In Busty Girls Held Hostage By Retailers & Economy, Deanna does an excellent job of describing the horrible realities of trying to shop for bras in larger sizes. You should go read it. Now.
Go ahead; I’ll wait.
begin my continue Deanna’s rant, let’s note that this isn’t a critical post trying to create (or add to) the body image or other issues of smaller chested women; I know they have their own issues and I’ve covered them too. However, when it comes to bras and public opinion on controlling their breasts, bigger busted women have bigger issues.
Bigger breasted women have more breast, back, neck, and chest pain than our smaller breasted sisters. Bigger busted women are more likely to be harassed; accused of hyper-sexuality; noticed, documented and fired for not meeting dress codes; and the prices for bras in larger sizes are, well, larger. To some extent, the larger prices are fair (it takes more fabric, etc.); but overall, as Deanna points out, we bigger busted women bear a larger economic burden on our already sore shoulders.
Between weight issues, hormones, diet, aging (yes, baby boomers, I mean you!) — and, yes, even implants — there are a lot of us. But why, then, is there a smaller number of, and limited access to, properly fitting bras for big busted women. What’s the real reason for the tiny selection of bigger bras?
Catherine of Kiss Me Deadly has shown us all the math in her post, Sizes, and why we don’t make all of them in the world. But even with all that (dizzying) math, she still arrives at a a question:
I do sometimes wonder whether this is how we arrive in a situation whereby what sells is much smaller than it statistically should be – having been deprived of fashionable clothing for ages, perhaps curvier women have just stopped bothering to shop?
Yes, this may be part of the problem… Only part of it.
In Plus-Size Wars (published July 28, 2010 in The New York Times), Ginia Bellafante reports that 64% of American women are plus-sized, yet we only account for 18% of retail fashion sales. If that’s shocking to you, get a load of this:
The correlation between obesity and low income goes some way toward explaining the discrepancy — the recession was particularly hard on this segment of the market, with sales declining 10 percent between 2008 and 2009, a drop twice that of the women’s apparel industry over all — but it doesn’t explain it entirely. That figure has been fairly constant for the past 20 years. Even as more and more women get larger and larger, what is available to outfit them remains limited.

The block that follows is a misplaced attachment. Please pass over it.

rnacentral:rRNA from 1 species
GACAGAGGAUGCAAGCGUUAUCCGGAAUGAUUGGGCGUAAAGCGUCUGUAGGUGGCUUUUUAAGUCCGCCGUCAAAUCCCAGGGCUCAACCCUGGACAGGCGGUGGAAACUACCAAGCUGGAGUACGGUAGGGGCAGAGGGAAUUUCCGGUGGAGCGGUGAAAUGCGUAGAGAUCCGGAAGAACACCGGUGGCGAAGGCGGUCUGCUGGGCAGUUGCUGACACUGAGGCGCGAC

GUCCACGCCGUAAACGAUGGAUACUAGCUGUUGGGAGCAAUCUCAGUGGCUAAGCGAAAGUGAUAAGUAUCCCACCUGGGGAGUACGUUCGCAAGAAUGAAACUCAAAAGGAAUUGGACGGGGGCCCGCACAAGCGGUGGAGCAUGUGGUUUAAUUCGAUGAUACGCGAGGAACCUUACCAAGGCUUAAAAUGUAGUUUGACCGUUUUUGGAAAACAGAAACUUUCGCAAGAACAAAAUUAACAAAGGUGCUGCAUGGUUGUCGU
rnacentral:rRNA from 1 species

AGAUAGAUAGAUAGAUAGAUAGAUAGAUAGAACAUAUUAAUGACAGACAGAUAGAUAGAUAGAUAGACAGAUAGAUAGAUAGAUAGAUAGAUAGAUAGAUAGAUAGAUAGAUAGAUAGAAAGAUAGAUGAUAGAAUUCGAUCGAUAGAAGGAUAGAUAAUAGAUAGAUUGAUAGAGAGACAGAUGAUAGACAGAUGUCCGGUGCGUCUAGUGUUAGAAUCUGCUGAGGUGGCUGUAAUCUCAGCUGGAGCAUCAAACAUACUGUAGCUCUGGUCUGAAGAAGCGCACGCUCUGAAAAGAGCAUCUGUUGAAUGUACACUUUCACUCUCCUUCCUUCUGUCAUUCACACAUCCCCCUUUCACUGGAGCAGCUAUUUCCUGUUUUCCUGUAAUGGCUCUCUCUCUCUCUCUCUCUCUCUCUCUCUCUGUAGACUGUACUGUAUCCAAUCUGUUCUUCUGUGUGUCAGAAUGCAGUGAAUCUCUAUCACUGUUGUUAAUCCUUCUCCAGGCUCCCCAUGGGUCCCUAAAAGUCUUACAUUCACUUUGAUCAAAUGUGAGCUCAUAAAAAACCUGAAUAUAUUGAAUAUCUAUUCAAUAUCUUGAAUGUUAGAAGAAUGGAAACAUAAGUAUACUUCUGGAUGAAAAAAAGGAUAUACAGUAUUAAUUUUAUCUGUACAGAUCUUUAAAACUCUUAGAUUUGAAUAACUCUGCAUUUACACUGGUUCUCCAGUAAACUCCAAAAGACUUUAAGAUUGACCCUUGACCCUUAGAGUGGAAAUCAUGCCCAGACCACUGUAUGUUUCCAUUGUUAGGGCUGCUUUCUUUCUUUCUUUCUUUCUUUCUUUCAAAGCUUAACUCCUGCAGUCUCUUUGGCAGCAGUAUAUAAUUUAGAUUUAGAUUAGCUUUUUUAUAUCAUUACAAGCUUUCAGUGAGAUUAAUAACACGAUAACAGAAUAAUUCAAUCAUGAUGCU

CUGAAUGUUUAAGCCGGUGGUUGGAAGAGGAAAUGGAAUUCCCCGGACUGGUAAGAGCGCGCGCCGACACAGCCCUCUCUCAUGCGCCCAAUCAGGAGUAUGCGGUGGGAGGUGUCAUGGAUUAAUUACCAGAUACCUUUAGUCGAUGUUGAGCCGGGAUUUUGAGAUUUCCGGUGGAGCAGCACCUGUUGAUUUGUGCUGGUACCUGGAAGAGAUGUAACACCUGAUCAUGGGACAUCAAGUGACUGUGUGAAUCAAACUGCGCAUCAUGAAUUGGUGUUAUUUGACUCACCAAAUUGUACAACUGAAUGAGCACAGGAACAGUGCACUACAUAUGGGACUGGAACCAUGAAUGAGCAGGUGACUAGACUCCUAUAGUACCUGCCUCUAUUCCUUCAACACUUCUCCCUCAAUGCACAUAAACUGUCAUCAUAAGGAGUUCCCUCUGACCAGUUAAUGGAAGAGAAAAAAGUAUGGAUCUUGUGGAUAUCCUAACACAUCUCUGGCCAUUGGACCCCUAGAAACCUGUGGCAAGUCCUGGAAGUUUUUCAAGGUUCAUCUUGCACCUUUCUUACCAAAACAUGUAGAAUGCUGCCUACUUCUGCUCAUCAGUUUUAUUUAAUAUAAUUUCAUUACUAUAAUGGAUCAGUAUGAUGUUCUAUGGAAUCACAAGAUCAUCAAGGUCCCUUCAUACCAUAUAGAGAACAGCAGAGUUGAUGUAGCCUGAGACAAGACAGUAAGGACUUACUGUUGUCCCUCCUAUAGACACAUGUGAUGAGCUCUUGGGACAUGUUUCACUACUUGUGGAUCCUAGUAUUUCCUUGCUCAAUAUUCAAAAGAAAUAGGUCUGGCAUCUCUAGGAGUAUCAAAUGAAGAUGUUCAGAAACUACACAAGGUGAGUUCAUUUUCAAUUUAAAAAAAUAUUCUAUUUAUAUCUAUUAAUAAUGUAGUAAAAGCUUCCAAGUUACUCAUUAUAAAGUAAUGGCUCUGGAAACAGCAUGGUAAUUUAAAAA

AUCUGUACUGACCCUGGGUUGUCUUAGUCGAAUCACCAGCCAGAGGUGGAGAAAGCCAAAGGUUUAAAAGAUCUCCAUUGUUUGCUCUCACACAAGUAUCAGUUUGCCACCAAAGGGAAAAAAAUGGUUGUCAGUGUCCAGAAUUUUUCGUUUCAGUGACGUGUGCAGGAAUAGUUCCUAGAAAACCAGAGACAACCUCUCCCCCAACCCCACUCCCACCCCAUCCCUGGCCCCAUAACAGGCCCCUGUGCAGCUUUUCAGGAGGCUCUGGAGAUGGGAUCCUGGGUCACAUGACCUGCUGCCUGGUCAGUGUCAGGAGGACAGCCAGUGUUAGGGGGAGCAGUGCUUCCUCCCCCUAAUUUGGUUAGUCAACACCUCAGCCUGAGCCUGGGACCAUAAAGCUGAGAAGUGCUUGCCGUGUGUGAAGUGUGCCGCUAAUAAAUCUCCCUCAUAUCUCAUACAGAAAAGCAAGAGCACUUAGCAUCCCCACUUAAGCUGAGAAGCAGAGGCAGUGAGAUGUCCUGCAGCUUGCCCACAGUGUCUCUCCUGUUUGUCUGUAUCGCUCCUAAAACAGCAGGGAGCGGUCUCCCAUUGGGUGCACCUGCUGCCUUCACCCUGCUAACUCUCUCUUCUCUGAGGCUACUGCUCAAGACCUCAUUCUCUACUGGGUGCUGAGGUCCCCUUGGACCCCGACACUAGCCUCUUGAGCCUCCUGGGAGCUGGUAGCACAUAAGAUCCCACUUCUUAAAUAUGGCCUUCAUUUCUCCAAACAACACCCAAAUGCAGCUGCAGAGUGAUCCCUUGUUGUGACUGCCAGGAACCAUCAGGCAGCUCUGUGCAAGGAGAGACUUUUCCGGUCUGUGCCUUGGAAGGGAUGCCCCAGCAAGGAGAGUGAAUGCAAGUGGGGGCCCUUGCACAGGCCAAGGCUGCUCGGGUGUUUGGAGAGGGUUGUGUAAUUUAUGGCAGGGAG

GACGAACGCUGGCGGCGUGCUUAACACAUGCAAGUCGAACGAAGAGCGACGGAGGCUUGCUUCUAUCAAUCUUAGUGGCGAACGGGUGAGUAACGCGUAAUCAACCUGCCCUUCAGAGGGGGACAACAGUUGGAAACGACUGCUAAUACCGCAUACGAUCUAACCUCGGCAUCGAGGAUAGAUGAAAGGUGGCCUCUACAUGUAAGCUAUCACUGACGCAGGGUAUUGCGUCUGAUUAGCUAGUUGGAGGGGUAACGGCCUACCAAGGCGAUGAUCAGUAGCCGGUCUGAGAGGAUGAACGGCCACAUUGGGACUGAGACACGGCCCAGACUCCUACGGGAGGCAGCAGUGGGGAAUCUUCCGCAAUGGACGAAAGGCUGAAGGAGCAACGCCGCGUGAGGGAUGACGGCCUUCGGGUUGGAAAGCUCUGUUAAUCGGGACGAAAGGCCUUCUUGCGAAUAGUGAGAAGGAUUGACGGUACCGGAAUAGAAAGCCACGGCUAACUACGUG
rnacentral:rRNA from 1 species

Given the fit challenges a plus-size customer faces, the shift to a virtual space where nothing can be tried on can seem alienating to her — a directive to wear a muumuu. She may not particularly like muumuus, and she doesn’t want to be regarded as someone for whom muumuus are a reasonable choice.
The market for plus-size clothes is effectively a Catch-22: women purchase less than they might because what they see on the racks doesn’t appeal to them; manufacturers and retailers cite poor sales figures as evidence of low demand and retrench, failing to provide the supply that might meet changing tastes.
And so we rather circle back to Catherine’s musings.
But only after more proof of economic burden and additional facts regarding limited options.
Obviously there’s a problem. Fatism exists, even in mammary glands, and it’s institutionalized in fashion and retail, perpetuated in media, and allowed in our culture. (Need more proof? See this article on swimsuits.)
The result is less product for bigger busted women, less places to buy it, and even less places to try it on. Depressing.
No wonder we have body image and self-esteem issues.
Via Deanna’s Herstory collection, I found this heartbreakingly honest confession from Kat of What Would Mommy Wear? In her post, My Journey To Fat Acceptance, Kat, the beautiful woman you see here, writes:
I remember having only three pair of pants, a few shirts and one black dress because I was waiting to buy clothes when I lost weight. I never wore makeup and I only did my hair to look presentable.
I believed that I didn’t deserve friends, nice things, vacations, good jobs, or even love because of the fat that naturally collected on my frame.
Thankfully, Kat accepted herself, her beauty.
But have retailers, designers, manufacturers?
When will they?
It is an economic issue that needs to be addressed, one which Deanna herself noted (in her posting of her article) ought not exist in a capitalistic society. If a free market dictates, why aren’t the large numbers of big busted consumers a part of it? Discrimination is at work. No matter how you want to parse it.
Comics from Busty Girl Comics.